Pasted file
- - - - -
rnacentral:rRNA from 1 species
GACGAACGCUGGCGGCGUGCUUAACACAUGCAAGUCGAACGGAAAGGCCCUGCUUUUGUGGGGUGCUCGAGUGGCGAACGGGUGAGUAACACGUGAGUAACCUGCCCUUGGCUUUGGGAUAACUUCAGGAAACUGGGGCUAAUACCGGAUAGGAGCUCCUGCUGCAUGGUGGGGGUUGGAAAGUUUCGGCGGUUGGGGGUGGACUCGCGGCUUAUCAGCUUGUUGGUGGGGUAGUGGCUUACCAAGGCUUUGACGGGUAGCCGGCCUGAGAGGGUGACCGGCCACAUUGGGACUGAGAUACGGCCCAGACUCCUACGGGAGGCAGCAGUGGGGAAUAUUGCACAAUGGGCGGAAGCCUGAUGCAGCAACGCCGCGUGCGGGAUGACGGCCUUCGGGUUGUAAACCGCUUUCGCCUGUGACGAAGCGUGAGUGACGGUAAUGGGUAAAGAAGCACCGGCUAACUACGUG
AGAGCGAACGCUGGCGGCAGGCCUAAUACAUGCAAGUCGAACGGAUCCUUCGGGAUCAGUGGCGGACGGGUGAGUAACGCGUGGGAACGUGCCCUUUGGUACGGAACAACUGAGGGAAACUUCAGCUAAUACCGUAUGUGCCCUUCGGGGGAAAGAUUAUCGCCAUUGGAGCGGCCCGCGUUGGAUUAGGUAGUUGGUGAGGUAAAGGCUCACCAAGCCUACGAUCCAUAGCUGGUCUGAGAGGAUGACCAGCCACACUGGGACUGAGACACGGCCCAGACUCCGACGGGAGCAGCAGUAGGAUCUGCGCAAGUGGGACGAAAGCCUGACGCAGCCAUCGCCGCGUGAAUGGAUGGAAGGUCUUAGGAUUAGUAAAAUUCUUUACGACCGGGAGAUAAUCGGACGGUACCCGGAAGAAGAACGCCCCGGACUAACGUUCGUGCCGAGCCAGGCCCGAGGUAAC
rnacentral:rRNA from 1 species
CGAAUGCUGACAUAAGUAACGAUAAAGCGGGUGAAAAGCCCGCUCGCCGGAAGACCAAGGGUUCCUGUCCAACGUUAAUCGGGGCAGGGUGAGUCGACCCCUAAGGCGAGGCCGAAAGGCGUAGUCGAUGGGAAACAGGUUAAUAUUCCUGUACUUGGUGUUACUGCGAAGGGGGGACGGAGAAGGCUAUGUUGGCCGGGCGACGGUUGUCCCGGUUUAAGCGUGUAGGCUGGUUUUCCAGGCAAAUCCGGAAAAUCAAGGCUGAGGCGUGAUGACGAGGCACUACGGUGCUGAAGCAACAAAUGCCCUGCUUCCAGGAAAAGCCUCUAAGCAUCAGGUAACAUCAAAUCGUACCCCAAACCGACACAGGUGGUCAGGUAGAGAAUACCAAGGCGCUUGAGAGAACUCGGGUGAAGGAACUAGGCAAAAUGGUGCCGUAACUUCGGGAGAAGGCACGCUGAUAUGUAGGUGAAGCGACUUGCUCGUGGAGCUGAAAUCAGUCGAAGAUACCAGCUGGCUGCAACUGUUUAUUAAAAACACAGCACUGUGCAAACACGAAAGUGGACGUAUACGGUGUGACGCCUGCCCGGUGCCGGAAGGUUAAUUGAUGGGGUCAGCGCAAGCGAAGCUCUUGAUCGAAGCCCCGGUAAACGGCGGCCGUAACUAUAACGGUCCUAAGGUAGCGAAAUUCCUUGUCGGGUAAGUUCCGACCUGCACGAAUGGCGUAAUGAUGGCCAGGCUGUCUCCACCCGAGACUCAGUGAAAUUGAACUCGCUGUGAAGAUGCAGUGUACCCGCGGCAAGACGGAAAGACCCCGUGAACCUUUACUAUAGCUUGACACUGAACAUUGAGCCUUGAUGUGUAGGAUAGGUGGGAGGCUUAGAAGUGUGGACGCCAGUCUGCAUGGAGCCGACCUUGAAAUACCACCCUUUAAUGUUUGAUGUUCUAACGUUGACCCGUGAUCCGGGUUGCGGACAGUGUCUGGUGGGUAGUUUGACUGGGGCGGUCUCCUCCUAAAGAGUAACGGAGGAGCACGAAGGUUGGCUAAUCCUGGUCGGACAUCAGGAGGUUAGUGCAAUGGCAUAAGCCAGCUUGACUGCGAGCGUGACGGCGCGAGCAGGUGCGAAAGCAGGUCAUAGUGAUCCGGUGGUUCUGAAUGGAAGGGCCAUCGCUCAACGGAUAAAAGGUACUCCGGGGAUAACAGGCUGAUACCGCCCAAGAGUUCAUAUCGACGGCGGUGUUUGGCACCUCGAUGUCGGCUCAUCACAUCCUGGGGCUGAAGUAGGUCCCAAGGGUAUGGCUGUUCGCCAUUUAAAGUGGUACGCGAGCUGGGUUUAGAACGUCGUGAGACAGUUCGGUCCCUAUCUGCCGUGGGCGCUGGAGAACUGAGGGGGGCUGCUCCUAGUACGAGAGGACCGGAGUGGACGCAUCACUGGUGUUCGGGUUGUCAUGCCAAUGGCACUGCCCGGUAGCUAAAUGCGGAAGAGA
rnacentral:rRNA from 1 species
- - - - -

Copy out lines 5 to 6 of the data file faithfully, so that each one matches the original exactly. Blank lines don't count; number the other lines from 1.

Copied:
CGAAUGCUGACAUAAGUAACGAUAAAGCGGGUGAAAAGCCCGCUCGCCGGAAGACCAAGGGUUCCUGUCCAACGUUAAUCGGGGCAGGGUGAGUCGACCCCUAAGGCGAGGCCGAAAGGCGUAGUCGAUGGGAAACAGGUUAAUAUUCCUGUACUUGGUGUUACUGCGAAGGGGGGACGGAGAAGGCUAUGUUGGCCGGGCGACGGUUGUCCCGGUUUAAGCGUGUAGGCUGGUUUUCCAGGCAAAUCCGGAAAAUCAAGGCUGAGGCGUGAUGACGAGGCACUACGGUGCUGAAGCAACAAAUGCCCUGCUUCCAGGAAAAGCCUCUAAGCAUCAGGUAACAUCAAAUCGUACCCCAAACCGACACAGGUGGUCAGGUAGAGAAUACCAAGGCGCUUGAGAGAACUCGGGUGAAGGAACUAGGCAAAAUGGUGCCGUAACUUCGGGAGAAGGCACGCUGAUAUGUAGGUGAAGCGACUUGCUCGUGGAGCUGAAAUCAGUCGAAGAUACCAGCUGGCUGCAACUGUUUAUUAAAAACACAGCACUGUGCAAACACGAAAGUGGACGUAUACGGUGUGACGCCUGCCCGGUGCCGGAAGGUUAAUUGAUGGGGUCAGCGCAAGCGAAGCUCUUGAUCGAAGCCCCGGUAAACGGCGGCCGUAACUAUAACGGUCCUAAGGUAGCGAAAUUCCUUGUCGGGUAAGUUCCGACCUGCACGAAUGGCGUAAUGAUGGCCAGGCUGUCUCCACCCGAGACUCAGUGAAAUUGAACUCGCUGUGAAGAUGCAGUGUACCCGCGGCAAGACGGAAAGACCCCGUGAACCUUUACUAUAGCUUGACACUGAACAUUGAGCCUUGAUGUGUAGGAUAGGUGGGAGGCUUAGAAGUGUGGACGCCAGUCUGCAUGGAGCCGACCUUGAAAUACCACCCUUUAAUGUUUGAUGUUCUAACGUUGACCCGUGAUCCGGGUUGCGGACAGUGUCUGGUGGGUAGUUUGACUGGGGCGGUCUCCUCCUAAAGAGUAACGGAGGAGCACGAAGGUUGGCUAAUCCUGGUCGGACAUCAGGAGGUUAGUGCAAUGGCAUAAGCCAGCUUGACUGCGAGCGUGACGGCGCGAGCAGGUGCGAAAGCAGGUCAUAGUGAUCCGGUGGUUCUGAAUGGAAGGGCCAUCGCUCAACGGAUAAAAGGUACUCCGGGGAUAACAGGCUGAUACCGCCCAAGAGUUCAUAUCGACGGCGGUGUUUGGCACCUCGAUGUCGGCUCAUCACAUCCUGGGGCUGAAGUAGGUCCCAAGGGUAUGGCUGUUCGCCAUUUAAAGUGGUACGCGAGCUGGGUUUAGAACGUCGUGAGACAGUUCGGUCCCUAUCUGCCGUGGGCGCUGGAGAACUGAGGGGGGCUGCUCCUAGUACGAGAGGACCGGAGUGGACGCAUCACUGGUGUUCGGGUUGUCAUGCCAAUGGCACUGCCCGGUAGCUAAAUGCGGAAGAGA
rnacentral:rRNA from 1 species